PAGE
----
President Joe Biden and Philippine President Ferdinand Marcos Jr. will agree on new parameters for stronger military cooperation on Monday, highlighting a tremendous improvement in relations between the two countries over the previous year, according to U.S. officials.
The rules emphasize military cooperation across all domains, including land, sea, air, space, and cyberspace. In addition, the U.S. government will transfer three C-130 planes to the Philippines and consider sending more patrol boats there.
Biden will also reaffirm a 1951 Mutual Defense Treaty that calls for the United States to act in the event of an armed attack on the Philippine military, the officials said in a briefing call for reporters.
The summit is the centerpiece of a four-day U.S. visit by Marcos that started on Sunday, the first by a Philippine president in more than 10 years.
Marcos became president last year and has sought warm relations with both the United States and China, who are vying for influence in the Asia-Pacific region.
Under Rodrigo Duterte, Marcos’ predecessor, U.S. relations soured as he turned the Philippines sharply away from its former colonial ruler and built closer ties with China.
But with many Filipinos frustrated by China’s actions in the South China Sea, including the harassing of Philippine ships and fishermen in parts of the sea that both countries claim, popular support has grown for a tougher stance toward Beijing.
Wariness about China has only increased recently.
A reported comment last month by Beijing’s ambassador to Manila that the Philippines should not support Taiwan’s independence “if you care about the 150,000 overseas foreign workers” of Filipino origin who live there was viewed as a “veiled threat,” a U.S. official said.
“Some of the steps that China have taken have concerned (Marcos), probably even surprised him,” said one senior Biden administration official. “He has strong desire to work closely with both countries but finds himself in a situation that the steps that China’s taking are deeply concerning.”
“We will reaffirm our commitment to fostering our long-standing alliance as an instrument of peace and as catalyst of development in the Asia-Pacific region,” Marcos said before leaving for the trip on Sunday.
He later told reporters on his plane China had agreed to discuss fishing rights in the South China Sea and also that he would not allow the Philippines to become a “staging post” for military action.
Washington sees the Philippines as key to any effort to counter an invasion of Taiwan by China, which claims the island as its own territory. Manila recently agreed to allow the United States access to four more of its military bases under an Enhanced Defense Cooperation Agreement, but the two sides have not said what U.S. assets will be stationed at those.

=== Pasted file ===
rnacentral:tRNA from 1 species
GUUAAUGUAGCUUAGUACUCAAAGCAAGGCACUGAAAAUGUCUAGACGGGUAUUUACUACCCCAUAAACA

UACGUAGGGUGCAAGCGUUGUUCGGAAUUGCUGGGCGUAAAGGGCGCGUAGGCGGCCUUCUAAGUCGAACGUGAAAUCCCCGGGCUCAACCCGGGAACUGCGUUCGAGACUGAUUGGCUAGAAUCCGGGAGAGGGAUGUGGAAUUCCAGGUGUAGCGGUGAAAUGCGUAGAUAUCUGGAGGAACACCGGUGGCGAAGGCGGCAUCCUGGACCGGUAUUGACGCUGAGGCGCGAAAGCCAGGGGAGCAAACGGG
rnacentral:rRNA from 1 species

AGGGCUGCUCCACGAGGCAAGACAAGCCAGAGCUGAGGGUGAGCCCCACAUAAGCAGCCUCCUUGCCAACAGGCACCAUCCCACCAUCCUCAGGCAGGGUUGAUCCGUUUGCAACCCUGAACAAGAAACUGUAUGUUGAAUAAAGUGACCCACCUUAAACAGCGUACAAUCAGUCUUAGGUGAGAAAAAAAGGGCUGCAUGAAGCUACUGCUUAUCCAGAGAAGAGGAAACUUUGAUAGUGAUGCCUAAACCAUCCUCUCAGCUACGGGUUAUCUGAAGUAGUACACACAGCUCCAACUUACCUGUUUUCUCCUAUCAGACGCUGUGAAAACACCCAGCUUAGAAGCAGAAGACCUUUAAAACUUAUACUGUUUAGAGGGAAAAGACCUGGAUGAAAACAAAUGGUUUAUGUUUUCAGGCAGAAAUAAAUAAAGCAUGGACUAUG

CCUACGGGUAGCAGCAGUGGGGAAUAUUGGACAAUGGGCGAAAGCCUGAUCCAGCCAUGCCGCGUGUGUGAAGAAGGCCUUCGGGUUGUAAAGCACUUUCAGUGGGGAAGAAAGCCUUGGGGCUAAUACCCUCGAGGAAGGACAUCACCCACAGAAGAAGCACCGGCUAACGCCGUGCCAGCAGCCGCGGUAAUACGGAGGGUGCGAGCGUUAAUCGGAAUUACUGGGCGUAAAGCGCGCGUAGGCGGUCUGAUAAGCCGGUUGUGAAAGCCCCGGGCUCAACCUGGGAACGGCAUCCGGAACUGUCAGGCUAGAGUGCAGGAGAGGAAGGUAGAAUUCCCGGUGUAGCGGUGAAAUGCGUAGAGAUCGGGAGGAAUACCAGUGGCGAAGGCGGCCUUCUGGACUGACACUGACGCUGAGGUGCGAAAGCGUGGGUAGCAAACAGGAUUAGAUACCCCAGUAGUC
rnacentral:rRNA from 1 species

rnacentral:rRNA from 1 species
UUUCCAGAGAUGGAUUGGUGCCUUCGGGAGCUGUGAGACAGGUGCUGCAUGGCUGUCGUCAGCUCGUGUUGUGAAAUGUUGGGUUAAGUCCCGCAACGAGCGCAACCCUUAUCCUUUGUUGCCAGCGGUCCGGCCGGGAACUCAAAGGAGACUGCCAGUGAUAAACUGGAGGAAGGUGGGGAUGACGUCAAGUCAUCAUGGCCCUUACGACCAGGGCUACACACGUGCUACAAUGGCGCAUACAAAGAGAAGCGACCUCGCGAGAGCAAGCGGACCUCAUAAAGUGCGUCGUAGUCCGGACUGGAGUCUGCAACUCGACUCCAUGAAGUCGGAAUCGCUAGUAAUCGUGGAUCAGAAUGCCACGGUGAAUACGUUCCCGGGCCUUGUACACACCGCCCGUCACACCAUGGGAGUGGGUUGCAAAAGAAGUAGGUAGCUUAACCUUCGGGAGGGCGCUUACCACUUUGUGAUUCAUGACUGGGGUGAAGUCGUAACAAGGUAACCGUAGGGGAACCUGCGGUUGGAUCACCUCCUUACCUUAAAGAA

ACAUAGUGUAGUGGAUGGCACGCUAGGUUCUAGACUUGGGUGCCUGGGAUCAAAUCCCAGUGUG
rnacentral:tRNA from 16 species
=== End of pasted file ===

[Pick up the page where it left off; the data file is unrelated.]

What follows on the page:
Experts say Washington considers the Philippines a potential location for rockets, missiles and artillery systems to counter a Chinese amphibious assault on Taiwan.
Biden has invested in courting Marcos, who still faces a U.S. court judgment connected with $2 billion of plundered wealth under his father’s rule.
Washington helped Marcos’ father flee into exile in Hawaii during a 1986 “people power” uprising and as head of state his son is immune from U.S. prosecution.
Biden was the first official to reach out to Marcos after his election and has made strengthening economic and military ties in the Indo-Pacific region a cornerstone of his foreign policy.
The exact contours of a U.S.-Philippine alliance in a wartime scenario remain sketchy, including the level of access and cooperation at Philippine bases.
The new Philippines bases the U.S. gained access to last month include three facing Taiwan and one near the disputed Spratly Islands in the South China Sea. China said this was “stoking the fire” of regional tensions and Washington should take no role in a conflict far away from its shores.
“We’re standing shoulder to shoulder in the South China Sea, where our alignment has never been stronger,” one U.S. official said.
Biden will also take economic cooperation steps, including sending a trade and investment mission to Manila, supporting the rollout of 5G telecommunications technology, launching public-private financing for critical minerals and “smart” power grid development, new bilateral discussion on labor issues, and support for airport security, maritime safety and the Philippines’ healthcare industry.
The Marcos visit is part of stepped-up U.S. Indo-Pacific diplomacy.
Biden hosted South Korea’s president last week and heads to Japan this month for the Group of 7 meeting and to Australia for a Quad summit with leaders of Japan, India and Australia. Both meetings are expected to focus heavily on China.